This is the story of a group of cricket club volunteers who began delivering food parcels during the first lockdown in April – and are now building a food bank.
I caught up with Calder Grove CC’s Holly Buxton to learn how a two-week social enterprise mushroomed into helping hundreds of people for months.
Enjoy the read – but if you are already feeling generous, you can Donate to the Calder Grove Food Bank on Justgiving.
The Buxton dynasty
I’m curious how it all started for Holly (above) and as is the case at so many clubs in the country, a family connection drew her into the game.
Holly’s dad, Mick, has played for Calder Grove since he was a child and is Chairman while her brother, Josh, is first-team captain. Brother number two, Tom, is the opening bowler for good measure.
It is fair to say Team Buxton are integral at this Yorkshire village club who play in the Pontefract and District Cricket League.
As a child, Holly grew up playing down at the Denby Dale Road ground. Her direct involvement started about nine years ago with ‘oh, can you just do the teas?’
She took on the Secretary and Treasurer roles soon after and has been helping to steer the cub’s future ever since. It comes from a passion for community projects that saw her become Youth MP for Wakefield at the age of 15.
‘It started from those family roots in cricket…it’s a big part of my life and probably always will be.’
A cricket club transformed
Calder Grove is a club rejuvenated from eight years back where it was a struggle to find players and help to its latest charitable endeavours (more of that in a second):
‘Captains were captains because no-one else would do it. People were just making up numbers and didn’t always want to be there. There were trees growing through the roof, the kitchen wasn’t suitable…it was in a sorry state.’
Cricket clubs do go through these tricky patches and much of the evolution is down to the people and an injection of new ideas.
It can be especially hard if it’s all left to one or just a few. Calder Grove seem to have managed to spread responsibilities and Holly is quick to praise those who’ve all put their hand up to help grow the club:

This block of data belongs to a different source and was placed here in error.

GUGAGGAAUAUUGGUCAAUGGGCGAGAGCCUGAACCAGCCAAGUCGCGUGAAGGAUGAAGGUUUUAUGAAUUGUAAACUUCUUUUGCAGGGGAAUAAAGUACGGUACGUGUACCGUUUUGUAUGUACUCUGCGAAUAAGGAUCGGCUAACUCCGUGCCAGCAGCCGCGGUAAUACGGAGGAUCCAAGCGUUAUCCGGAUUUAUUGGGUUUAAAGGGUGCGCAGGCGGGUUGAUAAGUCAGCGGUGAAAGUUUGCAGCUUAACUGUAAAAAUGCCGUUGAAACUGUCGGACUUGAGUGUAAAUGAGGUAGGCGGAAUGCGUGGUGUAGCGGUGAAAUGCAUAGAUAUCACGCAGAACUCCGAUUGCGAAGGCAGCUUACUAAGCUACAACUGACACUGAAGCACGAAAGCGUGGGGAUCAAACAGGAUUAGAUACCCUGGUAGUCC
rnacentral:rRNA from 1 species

‘Yes, we’ve developed the facilities and turned things around in playing strength but there’s a really good group of people from the local community who have got a real passion for making it the best it can be.’
On the field, their firsts have secured back-to-back titles and will be in Division 3 of the Pontefract and District Cricket League in 2021.
The beginnings of a food bank
When the first lockdown in March confined everyone, it was especially worrying for those who were elderly and vulnerable.
With no prospect of cricket at that stage, Calder Grove Cricket Club pondered how they could contribute.
‘We thought: We’ve got all these people who have their Saturdays free so why can’t we do something with that and what can we do to give something back to the community who’s helped us over the last few years?’
It began as a Covid-19 workforce to help those who were elderly and unable to go out and do their shopping. Members of Calder Grove Cricket Club ran a shopping service and dropped it off on the doorstep.
This year, the cricket club has done shopping requests, dog walking, grass cutting, collecting prescriptions, you name it.
The food bank development began as a partnership with Kingsland Primary School who offer education for pupils with severe or profound learning disabilities.
The impact of coronavirus is being felt across society and there are very real and serious consequences being played out, as Holly outlined:
‘Families couldn’t go anywhere, perhaps one of the parents is a full-time carer, reliant on one income and if that income is lost then it’s a major thing.’
Calder Grove CC agreed to do 20 food parcels for two weeks for 20 families from that school in difficult situations.
Cue a massive response and a flood of donations. This led to their food bank being opened for the wider community and not just one school.
From pop-up to permanent
The pop-up food bank grew and grew. ‘It spiralled from there. We kept saying every two weeks, we’ll review it but numbers went up and never went down.’
As Holly says: ‘You don’t know what’s within a few miles of your own doorstep and the way some people are still forced to live.’
Such is the ongoing demand, the cricket club are in the process of building a permanent food bank on the side of their clubhouse.
They welcome donations so they can continue to serve those who urgently need food – here’s how to Donate to the Calder Grove CC Community Food Bank Justgiving Page.
You can also email [email protected] if you’re interested in donating food.
There are 2,000+ food banks in the UK and according to the Trussell Trust, a record 1.9m food bank parcels were given out in the past year.
Holly is clear that the cricket club are deliberately positioning themselves as a step removed from agencies who require a level of admin.
Anyone who turns up at their food bank is given a food parcel without questions or judgement.
As Robert said, who featured earlier in the BBC clip: “They’re angels, they’re literally angels in disguise. Without them, it’d be a lot [more] difficult. Kindness comes from the most unexpected places.”
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